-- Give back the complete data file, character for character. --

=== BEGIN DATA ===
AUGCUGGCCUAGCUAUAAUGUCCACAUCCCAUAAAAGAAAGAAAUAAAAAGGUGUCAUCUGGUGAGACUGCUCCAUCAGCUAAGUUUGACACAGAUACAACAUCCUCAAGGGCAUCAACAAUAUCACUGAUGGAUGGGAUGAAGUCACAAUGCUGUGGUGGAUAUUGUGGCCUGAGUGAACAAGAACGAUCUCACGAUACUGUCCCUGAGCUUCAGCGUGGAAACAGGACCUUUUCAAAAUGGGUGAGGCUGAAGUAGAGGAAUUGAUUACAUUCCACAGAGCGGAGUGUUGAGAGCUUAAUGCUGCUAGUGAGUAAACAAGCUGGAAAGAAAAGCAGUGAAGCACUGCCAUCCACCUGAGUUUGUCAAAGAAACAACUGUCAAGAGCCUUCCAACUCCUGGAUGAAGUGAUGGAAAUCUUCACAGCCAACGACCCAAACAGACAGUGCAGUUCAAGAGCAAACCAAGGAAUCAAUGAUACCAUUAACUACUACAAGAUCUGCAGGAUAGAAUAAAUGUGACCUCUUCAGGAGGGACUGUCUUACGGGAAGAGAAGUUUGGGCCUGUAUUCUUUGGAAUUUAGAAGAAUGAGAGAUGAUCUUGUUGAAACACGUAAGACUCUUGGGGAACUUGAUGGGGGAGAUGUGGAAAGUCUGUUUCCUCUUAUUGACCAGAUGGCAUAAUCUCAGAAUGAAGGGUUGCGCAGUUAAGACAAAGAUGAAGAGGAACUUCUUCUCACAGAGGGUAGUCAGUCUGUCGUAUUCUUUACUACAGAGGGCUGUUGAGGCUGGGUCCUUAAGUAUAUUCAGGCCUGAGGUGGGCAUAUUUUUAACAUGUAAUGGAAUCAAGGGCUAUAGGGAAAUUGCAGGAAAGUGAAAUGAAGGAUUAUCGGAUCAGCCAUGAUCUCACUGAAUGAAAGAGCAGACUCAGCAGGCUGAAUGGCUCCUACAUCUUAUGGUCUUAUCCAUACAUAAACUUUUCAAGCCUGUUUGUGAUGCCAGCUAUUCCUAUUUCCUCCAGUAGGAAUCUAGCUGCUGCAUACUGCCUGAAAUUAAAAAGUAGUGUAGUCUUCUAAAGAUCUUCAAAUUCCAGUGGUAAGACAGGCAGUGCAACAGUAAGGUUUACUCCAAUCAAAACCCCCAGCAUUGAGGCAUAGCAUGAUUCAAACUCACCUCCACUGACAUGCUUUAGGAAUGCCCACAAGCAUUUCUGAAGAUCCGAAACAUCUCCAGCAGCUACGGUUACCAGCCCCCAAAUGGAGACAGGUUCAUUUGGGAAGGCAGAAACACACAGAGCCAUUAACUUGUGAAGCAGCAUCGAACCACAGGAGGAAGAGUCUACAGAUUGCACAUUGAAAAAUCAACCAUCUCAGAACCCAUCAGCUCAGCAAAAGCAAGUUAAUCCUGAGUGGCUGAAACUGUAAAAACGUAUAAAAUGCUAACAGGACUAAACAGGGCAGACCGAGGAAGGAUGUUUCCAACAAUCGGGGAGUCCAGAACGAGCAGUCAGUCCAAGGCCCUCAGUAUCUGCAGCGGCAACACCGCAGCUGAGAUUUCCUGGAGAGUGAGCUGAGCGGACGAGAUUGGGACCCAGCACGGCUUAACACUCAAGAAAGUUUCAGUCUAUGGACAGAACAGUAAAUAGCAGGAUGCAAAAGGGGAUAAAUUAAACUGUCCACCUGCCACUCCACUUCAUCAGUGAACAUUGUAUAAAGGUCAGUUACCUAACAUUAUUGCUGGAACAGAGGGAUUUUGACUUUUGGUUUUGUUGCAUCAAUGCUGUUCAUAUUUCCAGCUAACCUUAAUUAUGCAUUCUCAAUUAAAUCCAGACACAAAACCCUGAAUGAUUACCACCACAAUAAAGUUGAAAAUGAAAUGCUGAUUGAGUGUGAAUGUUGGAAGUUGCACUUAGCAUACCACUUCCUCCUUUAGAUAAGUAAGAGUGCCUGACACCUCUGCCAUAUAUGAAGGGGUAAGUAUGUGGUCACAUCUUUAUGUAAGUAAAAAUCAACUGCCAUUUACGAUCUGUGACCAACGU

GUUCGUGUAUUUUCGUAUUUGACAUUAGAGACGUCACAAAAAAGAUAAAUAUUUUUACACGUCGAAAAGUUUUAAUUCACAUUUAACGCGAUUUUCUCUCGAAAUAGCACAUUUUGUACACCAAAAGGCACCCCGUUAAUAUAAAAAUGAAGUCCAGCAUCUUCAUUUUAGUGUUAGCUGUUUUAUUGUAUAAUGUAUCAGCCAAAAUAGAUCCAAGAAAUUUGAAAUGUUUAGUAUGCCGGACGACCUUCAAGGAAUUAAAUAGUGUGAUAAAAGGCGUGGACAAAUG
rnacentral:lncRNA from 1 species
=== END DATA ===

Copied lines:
AUGCUGGCCUAGCUAUAAUGUCCACAUCCCAUAAAAGAAAGAAAUAAAAAGGUGUCAUCUGGUGAGACUGCUCCAUCAGCUAAGUUUGACACAGAUACAACAUCCUCAAGGGCAUCAACAAUAUCACUGAUGGAUGGGAUGAAGUCACAAUGCUGUGGUGGAUAUUGUGGCCUGAGUGAACAAGAACGAUCUCACGAUACUGUCCCUGAGCUUCAGCGUGGAAACAGGACCUUUUCAAAAUGGGUGAGGCUGAAGUAGAGGAAUUGAUUACAUUCCACAGAGCGGAGUGUUGAGAGCUUAAUGCUGCUAGUGAGUAAACAAGCUGGAAAGAAAAGCAGUGAAGCACUGCCAUCCACCUGAGUUUGUCAAAGAAACAACUGUCAAGAGCCUUCCAACUCCUGGAUGAAGUGAUGGAAAUCUUCACAGCCAACGACCCAAACAGACAGUGCAGUUCAAGAGCAAACCAAGGAAUCAAUGAUACCAUUAACUACUACAAGAUCUGCAGGAUAGAAUAAAUGUGACCUCUUCAGGAGGGACUGUCUUACGGGAAGAGAAGUUUGGGCCUGUAUUCUUUGGAAUUUAGAAGAAUGAGAGAUGAUCUUGUUGAAACACGUAAGACUCUUGGGGAACUUGAUGGGGGAGAUGUGGAAAGUCUGUUUCCUCUUAUUGACCAGAUGGCAUAAUCUCAGAAUGAAGGGUUGCGCAGUUAAGACAAAGAUGAAGAGGAACUUCUUCUCACAGAGGGUAGUCAGUCUGUCGUAUUCUUUACUACAGAGGGCUGUUGAGGCUGGGUCCUUAAGUAUAUUCAGGCCUGAGGUGGGCAUAUUUUUAACAUGUAAUGGAAUCAAGGGCUAUAGGGAAAUUGCAGGAAAGUGAAAUGAAGGAUUAUCGGAUCAGCCAUGAUCUCACUGAAUGAAAGAGCAGACUCAGCAGGCUGAAUGGCUCCUACAUCUUAUGGUCUUAUCCAUACAUAAACUUUUCAAGCCUGUUUGUGAUGCCAGCUAUUCCUAUUUCCUCCAGUAGGAAUCUAGCUGCUGCAUACUGCCUGAAAUUAAAAAGUAGUGUAGUCUUCUAAAGAUCUUCAAAUUCCAGUGGUAAGACAGGCAGUGCAACAGUAAGGUUUACUCCAAUCAAAACCCCCAGCAUUGAGGCAUAGCAUGAUUCAAACUCACCUCCACUGACAUGCUUUAGGAAUGCCCACAAGCAUUUCUGAAGAUCCGAAACAUCUCCAGCAGCUACGGUUACCAGCCCCCAAAUGGAGACAGGUUCAUUUGGGAAGGCAGAAACACACAGAGCCAUUAACUUGUGAAGCAGCAUCGAACCACAGGAGGAAGAGUCUACAGAUUGCACAUUGAAAAAUCAACCAUCUCAGAACCCAUCAGCUCAGCAAAAGCAAGUUAAUCCUGAGUGGCUGAAACUGUAAAAACGUAUAAAAUGCUAACAGGACUAAACAGGGCAGACCGAGGAAGGAUGUUUCCAACAAUCGGGGAGUCCAGAACGAGCAGUCAGUCCAAGGCCCUCAGUAUCUGCAGCGGCAACACCGCAGCUGAGAUUUCCUGGAGAGUGAGCUGAGCGGACGAGAUUGGGACCCAGCACGGCUUAACACUCAAGAAAGUUUCAGUCUAUGGACAGAACAGUAAAUAGCAGGAUGCAAAAGGGGAUAAAUUAAACUGUCCACCUGCCACUCCACUUCAUCAGUGAACAUUGUAUAAAGGUCAGUUACCUAACAUUAUUGCUGGAACAGAGGGAUUUUGACUUUUGGUUUUGUUGCAUCAAUGCUGUUCAUAUUUCCAGCUAACCUUAAUUAUGCAUUCUCAAUUAAAUCCAGACACAAAACCCUGAAUGAUUACCACCACAAUAAAGUUGAAAAUGAAAUGCUGAUUGAGUGUGAAUGUUGGAAGUUGCACUUAGCAUACCACUUCCUCCUUUAGAUAAGUAAGAGUGCCUGACACCUCUGCCAUAUAUGAAGGGGUAAGUAUGUGGUCACAUCUUUAUGUAAGUAAAAAUCAACUGCCAUUUACGAUCUGUGACCAACGU

GUUCGUGUAUUUUCGUAUUUGACAUUAGAGACGUCACAAAAAAGAUAAAUAUUUUUACACGUCGAAAAGUUUUAAUUCACAUUUAACGCGAUUUUCUCUCGAAAUAGCACAUUUUGUACACCAAAAGGCACCCCGUUAAUAUAAAAAUGAAGUCCAGCAUCUUCAUUUUAGUGUUAGCUGUUUUAUUGUAUAAUGUAUCAGCCAAAAUAGAUCCAAGAAAUUUGAAAUGUUUAGUAUGCCGGACGACCUUCAAGGAAUUAAAUAGUGUGAUAAAAGGCGUGGACAAAUG
rnacentral:lncRNA from 1 species